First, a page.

As far as I can tell there are three distinct benefits to kata practice:
- A place for hiding techniques. That low block to the left? It's actually a lethal groin strike, or an over the shoulder throw, or whatever. Studying kata can help us learn lots of cool techniques. Unfortunately, this is not my strong suit, personally.
- A method of exercise. Kata practice can be great for overall body strength and developing power in your footwork.
- Meditation. The concentration required to learn and remember kata, as opposed to soemone shadowboxing with random techniques, is a form of mental training.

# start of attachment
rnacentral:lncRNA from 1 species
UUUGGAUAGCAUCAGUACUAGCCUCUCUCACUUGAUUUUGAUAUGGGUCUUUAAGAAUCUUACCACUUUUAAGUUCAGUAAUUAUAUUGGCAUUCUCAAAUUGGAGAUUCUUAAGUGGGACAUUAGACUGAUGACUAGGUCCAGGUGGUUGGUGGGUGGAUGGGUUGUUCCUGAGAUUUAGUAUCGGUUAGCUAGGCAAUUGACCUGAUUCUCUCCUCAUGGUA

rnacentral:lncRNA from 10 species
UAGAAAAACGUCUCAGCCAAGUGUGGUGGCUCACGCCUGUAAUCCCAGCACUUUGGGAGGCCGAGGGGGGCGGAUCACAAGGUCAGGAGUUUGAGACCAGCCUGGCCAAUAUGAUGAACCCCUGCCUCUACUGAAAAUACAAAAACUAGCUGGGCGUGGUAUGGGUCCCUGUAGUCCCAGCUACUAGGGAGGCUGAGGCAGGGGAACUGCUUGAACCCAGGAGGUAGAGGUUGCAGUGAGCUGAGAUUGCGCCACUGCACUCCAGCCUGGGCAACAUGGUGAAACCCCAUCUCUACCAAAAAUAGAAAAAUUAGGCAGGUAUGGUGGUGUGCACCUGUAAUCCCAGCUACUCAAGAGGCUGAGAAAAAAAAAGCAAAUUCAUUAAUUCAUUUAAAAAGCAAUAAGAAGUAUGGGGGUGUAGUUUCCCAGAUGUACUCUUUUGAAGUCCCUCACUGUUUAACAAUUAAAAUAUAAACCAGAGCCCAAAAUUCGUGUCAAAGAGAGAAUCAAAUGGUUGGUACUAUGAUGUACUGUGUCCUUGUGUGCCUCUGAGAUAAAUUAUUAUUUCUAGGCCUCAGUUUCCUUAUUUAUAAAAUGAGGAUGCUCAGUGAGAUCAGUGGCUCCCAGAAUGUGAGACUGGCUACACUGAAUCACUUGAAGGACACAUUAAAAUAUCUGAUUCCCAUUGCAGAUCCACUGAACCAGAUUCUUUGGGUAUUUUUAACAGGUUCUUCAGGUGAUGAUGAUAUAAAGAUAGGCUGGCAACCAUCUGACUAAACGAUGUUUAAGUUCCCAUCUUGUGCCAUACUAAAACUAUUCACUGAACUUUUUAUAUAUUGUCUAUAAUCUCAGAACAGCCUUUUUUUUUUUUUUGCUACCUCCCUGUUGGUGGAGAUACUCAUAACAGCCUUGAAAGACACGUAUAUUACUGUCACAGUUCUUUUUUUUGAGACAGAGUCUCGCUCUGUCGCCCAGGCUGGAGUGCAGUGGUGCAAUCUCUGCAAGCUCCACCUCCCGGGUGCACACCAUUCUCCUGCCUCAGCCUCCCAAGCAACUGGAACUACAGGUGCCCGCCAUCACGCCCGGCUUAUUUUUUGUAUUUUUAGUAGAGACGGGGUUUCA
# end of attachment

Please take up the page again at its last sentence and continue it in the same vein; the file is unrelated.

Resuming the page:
I can see the points of those who are anti-kata, but I worry about the practice of abandoning kata for a couple of reasons. First, they might be losing out on some of the physical benefits I mentioned. Second, I don't know how we can be sure that there aren't still valuable bunkai hidden in the kata we practice. I'm quite sure, given my personal interests, that I'm not going to be the one to finally figure out the real application of the fifth step of Seienchin. But if I can learn it properly and transmit it to my students or my kohai, maybe one of them will find a really useful bunkai for it. If we all gave up the parts we don't understand that potential future gain would also be lost.